Rain or shine, every day is a great day to play and learn outside. The idea of learning how to be wild and free is part of the Coyote Kids curriculum, so when rain enters the scene, the Coyote Kids embrace it with open arms and rain jackets. As some people grow older they may begin to feel that rain and snow are more of a hassle than a luxury or a way to have fun. To watch these kids frolic in the mud and drizzle really allows for one to feel their inner child come out, and for a few hours feel like you have gone back fifteen years to your own childhood.
Today after playing tail tag and talking about nature mysteries, the Coyote Kids started their journey to the hidden village in the woods.
Here we have mentor Gerry and a bunch of Coyote Kids waiting to be sent down the trail of whispers. This gives the Coyote Kids a time to think in silence about something that is happening around them in the natural realm. Whether it be listening to the way the wind sounds, or keeping an eye out for birds, the whisper trail teaches the kids how to be aware of their surroundings.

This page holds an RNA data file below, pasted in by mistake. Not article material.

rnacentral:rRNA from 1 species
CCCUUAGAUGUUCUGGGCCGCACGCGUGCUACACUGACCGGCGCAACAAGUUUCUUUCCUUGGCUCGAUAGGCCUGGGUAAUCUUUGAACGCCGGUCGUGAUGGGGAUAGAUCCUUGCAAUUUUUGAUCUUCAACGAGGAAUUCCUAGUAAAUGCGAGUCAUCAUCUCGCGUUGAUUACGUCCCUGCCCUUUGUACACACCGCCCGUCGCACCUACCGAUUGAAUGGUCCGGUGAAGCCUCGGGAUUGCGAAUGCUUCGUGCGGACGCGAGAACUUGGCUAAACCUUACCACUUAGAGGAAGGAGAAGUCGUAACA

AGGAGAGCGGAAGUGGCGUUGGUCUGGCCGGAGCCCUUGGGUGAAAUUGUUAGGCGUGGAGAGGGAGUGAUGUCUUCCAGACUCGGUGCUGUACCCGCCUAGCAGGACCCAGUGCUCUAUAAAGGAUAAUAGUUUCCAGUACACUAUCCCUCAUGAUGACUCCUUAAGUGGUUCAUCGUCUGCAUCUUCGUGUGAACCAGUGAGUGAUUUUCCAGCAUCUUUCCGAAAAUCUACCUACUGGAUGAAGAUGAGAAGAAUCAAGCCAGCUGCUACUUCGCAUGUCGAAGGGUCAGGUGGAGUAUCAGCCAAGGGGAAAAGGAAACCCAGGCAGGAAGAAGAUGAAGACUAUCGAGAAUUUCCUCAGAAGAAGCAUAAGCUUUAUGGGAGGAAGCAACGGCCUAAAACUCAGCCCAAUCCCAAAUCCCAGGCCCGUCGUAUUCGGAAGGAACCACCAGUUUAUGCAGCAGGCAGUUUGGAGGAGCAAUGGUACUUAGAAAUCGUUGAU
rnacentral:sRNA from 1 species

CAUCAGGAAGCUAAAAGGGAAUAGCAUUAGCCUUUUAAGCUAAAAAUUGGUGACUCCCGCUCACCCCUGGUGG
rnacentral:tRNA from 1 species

After everyone arrived at the shelter, we watched Gerry bring in fire to keep us warm on this rainy cold day. Though the coals kept going out, Gerry’s persistence paid off, and soon there was a bountiful amount of heat to be had. Susanna began circle time, where we give thanks and have snacks before heading off into the activities of passion time.
Today’s passion time included a creature hunt, creating throwing sticks and doing target practice, coal burning spoons and creating pottery around the fire. Here we have a few Coyote Kids on the hunt for salamanders and slugs. Nora is pointing out some slugs (which the kids were enthralled by, particularly because there was a mother slug with a baby).
After passion time ended, the Coyote Kids gathered one last time around the fire for the big story of the day. Today it seemed to give a strong message about the importance of sharing with others. Once the story was over, the Coyote Kids headed out into the open air and gave thanks to the land, which brought the conclusion to this week’s outing.
Written by Scott Josephson.